Myth 1: Inventing is a faculty of Genius.
Reality: As we have already discussed, Inventing is responsive problem-solving. Problem Solving is the process of searching a large search space with specific criteria using various rational/intuitive discovery and reasoning processes until we find an optimal solution to the problem. The journey can be frustrating with many dead ends. We use chance discovery and a zig-zag path to find the answers. If the problem-solving approach is mundane, we call it “Way of Life’. We indulge in “Way of Life Inventing” everyday, right from deciding how to navigate our way through congested traffic to finding a solution to a sudden financial setback. “Way of Live” Inventing is so subtle and all-permeating in our life, that most of us do not notice it.
However, occasionally, we find ourselves in challenging problem spaces where the subtlety transforms to prominence in our consciousness. In these rare occasions, which we call milestone events, the problem/solution space may be completely greenfield or foreign to us and we may feel completely stuck. We can say that this is what prolific inventors experience around their product/service/contextual spaces. Some of us can find our way in this maze and others may take evasive action by withdrawing. If we persistently remain focused on solving that key milestone problem, over time, we can rapid cycle and find the optimal solution (more on that later).
Inventing is not only the privilege of genius or celebrated. Inventing is responsive problem solving and we already know how to invent on a day to day basis. We can easily scale it to the next level if we are motivated and persistent to find a solution.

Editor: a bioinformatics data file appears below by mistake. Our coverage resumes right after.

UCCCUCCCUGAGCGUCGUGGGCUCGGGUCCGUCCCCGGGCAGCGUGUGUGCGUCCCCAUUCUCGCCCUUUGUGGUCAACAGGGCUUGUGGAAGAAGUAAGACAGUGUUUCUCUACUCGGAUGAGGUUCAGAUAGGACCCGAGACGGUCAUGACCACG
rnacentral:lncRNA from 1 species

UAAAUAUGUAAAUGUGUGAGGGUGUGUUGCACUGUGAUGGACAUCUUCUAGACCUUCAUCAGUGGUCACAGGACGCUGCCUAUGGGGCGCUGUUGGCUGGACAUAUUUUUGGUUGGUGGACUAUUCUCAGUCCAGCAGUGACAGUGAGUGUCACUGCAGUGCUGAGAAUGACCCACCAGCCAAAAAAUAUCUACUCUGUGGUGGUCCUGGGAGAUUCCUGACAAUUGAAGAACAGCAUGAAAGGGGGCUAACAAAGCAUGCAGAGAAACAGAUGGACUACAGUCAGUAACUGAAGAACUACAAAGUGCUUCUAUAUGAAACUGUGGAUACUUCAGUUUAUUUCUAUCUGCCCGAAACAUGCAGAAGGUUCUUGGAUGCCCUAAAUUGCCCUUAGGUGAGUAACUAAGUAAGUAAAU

Myth 2: Inventing is not the same as Innovation and Innovation is more important than Inventing
Reality: Inventing and Innovation are problem-solving in different contexts. The terms are a matter of semantics i.e how we use linguistics to describe our understanding of something. People have been inventing for eons right from Thomas Edison, Albert Einstein, Galileo and Wright Brothers. Were they inventing or innovating?
The term “Innovation” has created a new knowledge bubble in the industry in which jargon and buzzwords allow informational asymmetry to be created in the space. The industry that thrives on knowledge bubbles frequently hypes, embellishes and convert simple things into complex space full of jargon. Complexity is good, if it enhances our understanding of the domain, but is not effective and useful if it creates hyperbole and jargon maze. As Big Data is eventually finding ”actionable small data”, likewise, Inventing and Innovation are about reducing complexity in the space to find simple, actionable next steps.
Simplicity is the ultimate sophistication ………..Leonardo da Vinci
Myth 3: We must fail fast and enough times to Invent
Reality: Failure is helpful if leads to reduced failures in the future. Failure is an unproductive waste of human effort when it leads us nowhere. If we look around us, we will find that continuous improvement is not necessarily driven by failure. Failed events allow us to learn lessons and take corrective action so that we can become more productive and efficient. This is why we do not expect to hit our car to the garage door while driving out, we do not expect the surgeon operating on us to think of us as learning resource if the patient dies. Our lessons learnt from small failure and big failures should unleash a long wave of productivity and efficiency after which we may need to fail and start any long wave of productivity. If human efforts have a value, is something finite, energy consuming and there is a fine line between productive effort and unproductive efforts, then, this concept applies to inventing as well.